April 17, 2017 - Emily Norcross
Flexibility and mobility are both very important to keeping our bodies healthy. But often, I find clients confusing the need for increased mobility with the need for increased flexibility.
Put simply: flexibility pertains to the length of the muscle and mobility is the ability to move through full range of motion. Limitations in mobility can be affected by decreased flexibility but more often mobility is limited by other factors including joint position, joint capsule tightness, and hypertonic muscles. We often incorrectly assume that if we are flexible then we won’t have difficulty getting through a full range of motion. This is flawed in many ways as you can be super flexible and still have joint tightness in places or conversely, you can have joint looseness and have very tight muscles surrounding it.
Here's an example: you try to complete a squat and no matter what you do you can’t get low enough OR you can get low enough but in order to do so your chest falls forward, your feet and knees collapse in or your heels come off the ground.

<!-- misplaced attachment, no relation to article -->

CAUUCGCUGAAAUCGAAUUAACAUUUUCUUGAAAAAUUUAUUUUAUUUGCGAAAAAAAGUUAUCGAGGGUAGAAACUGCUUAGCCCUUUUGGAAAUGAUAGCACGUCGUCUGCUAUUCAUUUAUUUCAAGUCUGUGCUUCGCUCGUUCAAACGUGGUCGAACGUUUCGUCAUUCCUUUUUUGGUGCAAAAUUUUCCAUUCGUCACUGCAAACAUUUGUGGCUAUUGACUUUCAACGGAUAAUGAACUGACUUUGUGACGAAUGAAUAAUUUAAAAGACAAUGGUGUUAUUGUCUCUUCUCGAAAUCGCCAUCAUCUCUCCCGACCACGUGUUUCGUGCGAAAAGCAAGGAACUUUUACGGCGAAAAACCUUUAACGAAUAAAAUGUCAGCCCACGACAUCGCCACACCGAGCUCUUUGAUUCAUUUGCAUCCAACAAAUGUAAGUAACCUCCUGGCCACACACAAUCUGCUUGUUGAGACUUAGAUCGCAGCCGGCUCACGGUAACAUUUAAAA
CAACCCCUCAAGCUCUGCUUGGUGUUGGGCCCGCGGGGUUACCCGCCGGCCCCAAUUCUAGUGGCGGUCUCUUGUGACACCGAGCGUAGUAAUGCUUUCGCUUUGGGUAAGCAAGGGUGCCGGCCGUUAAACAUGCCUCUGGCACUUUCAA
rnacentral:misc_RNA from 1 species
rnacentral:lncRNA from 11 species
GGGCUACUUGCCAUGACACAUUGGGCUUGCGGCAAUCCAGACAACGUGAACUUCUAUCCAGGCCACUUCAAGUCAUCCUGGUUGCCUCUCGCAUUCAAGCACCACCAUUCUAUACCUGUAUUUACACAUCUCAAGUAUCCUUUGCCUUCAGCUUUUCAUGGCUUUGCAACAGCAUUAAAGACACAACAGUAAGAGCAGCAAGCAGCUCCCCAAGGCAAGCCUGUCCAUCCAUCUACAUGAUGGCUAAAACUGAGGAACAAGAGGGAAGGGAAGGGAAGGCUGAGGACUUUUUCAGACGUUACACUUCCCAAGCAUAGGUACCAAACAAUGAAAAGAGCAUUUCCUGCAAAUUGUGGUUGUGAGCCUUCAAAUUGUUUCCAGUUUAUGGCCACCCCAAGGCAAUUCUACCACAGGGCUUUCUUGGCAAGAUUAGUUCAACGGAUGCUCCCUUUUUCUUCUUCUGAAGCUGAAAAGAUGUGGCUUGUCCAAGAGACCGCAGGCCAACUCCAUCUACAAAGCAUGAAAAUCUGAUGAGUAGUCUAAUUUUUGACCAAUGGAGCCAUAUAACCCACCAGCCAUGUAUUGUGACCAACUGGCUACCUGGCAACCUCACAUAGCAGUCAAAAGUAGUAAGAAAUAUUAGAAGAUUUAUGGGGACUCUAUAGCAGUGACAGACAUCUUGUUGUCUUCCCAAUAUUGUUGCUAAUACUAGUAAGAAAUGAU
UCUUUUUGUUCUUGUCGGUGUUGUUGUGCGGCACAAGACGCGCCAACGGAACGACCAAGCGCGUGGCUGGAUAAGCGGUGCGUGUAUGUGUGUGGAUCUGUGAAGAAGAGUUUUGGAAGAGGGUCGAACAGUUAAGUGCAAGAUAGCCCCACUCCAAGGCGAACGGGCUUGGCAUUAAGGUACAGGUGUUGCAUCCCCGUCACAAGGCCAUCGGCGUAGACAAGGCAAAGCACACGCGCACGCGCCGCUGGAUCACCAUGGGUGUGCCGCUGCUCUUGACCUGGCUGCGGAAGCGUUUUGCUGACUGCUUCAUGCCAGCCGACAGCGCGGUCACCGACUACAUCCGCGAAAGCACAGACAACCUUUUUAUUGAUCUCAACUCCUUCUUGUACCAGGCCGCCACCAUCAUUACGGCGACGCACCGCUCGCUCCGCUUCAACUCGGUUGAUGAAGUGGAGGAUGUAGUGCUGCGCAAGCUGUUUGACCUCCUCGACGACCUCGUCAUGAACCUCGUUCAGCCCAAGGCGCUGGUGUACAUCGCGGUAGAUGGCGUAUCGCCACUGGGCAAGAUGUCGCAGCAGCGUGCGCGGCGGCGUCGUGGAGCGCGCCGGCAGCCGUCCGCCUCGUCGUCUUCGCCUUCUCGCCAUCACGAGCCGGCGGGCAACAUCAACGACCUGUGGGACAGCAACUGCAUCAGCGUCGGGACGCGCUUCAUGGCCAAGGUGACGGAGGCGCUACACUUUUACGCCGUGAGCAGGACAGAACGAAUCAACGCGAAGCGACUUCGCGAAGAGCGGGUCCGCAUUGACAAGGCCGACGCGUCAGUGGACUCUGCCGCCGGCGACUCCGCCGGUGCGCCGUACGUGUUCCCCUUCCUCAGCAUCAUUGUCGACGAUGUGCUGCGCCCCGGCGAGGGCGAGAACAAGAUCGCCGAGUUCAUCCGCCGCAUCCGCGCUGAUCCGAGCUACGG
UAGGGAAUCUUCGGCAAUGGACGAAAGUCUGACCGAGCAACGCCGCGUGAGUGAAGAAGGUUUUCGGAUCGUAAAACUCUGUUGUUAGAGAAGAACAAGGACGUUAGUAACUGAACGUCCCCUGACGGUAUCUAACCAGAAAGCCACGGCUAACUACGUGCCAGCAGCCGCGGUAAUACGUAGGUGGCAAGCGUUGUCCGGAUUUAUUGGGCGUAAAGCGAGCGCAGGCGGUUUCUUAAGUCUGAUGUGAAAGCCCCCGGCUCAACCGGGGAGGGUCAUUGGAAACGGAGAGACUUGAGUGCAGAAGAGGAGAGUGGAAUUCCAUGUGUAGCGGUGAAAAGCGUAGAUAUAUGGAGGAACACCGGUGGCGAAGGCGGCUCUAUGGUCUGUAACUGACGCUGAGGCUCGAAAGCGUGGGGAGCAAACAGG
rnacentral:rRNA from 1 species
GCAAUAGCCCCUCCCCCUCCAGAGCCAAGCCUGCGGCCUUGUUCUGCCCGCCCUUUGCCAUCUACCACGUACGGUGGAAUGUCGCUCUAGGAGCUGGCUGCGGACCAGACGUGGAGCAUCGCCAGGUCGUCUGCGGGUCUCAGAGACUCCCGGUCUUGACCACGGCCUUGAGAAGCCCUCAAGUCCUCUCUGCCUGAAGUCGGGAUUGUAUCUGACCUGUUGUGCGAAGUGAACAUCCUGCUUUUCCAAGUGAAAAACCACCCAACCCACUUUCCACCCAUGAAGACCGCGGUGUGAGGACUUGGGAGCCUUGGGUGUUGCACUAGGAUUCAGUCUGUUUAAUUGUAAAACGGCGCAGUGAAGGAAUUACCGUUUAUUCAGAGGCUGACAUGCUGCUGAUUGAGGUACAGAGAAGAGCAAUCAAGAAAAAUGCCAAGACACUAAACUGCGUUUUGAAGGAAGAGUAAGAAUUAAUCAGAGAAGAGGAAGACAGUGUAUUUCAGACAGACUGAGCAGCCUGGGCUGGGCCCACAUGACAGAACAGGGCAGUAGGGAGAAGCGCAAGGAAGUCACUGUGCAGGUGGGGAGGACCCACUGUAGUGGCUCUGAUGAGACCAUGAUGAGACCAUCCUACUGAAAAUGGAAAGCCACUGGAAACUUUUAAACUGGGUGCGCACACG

So many of us use a measurement, like the depth of a squat, as a marker of successful movement. But if we are compensating at other parts of the body we are putting the knees or the back at risk for injury as they are now in an unsafe position. Good mobility means you can go deep enough in your squat without making any other compensation movements.
So why does this all matter? Maybe you don’t squat and don’t want to start. Maybe you just want to get rid of your low back pain you have from sitting at your computer all day. Either person can benefit from improvements in mobility to improve movement patterns and decrease injury rates.
If you notice that you feel as if a joint gets stuck or pinches as you try to move into a position and it is different from the feeling of muscle tightness, it is likely a joint mobility issue. There are simple techniques you can do to self-treat decreases in joint mobility but you should consult a health care professional, such as an athletic trainer, physical therapist, or chiropractor, who can evaluate your movement and teach you appropriate was to improve your joint mobility. Use caution on self-treatment – not all joints need to increase mobility. There are some joints that are more common to be hypermobile and that brings an entirely different set of challenges.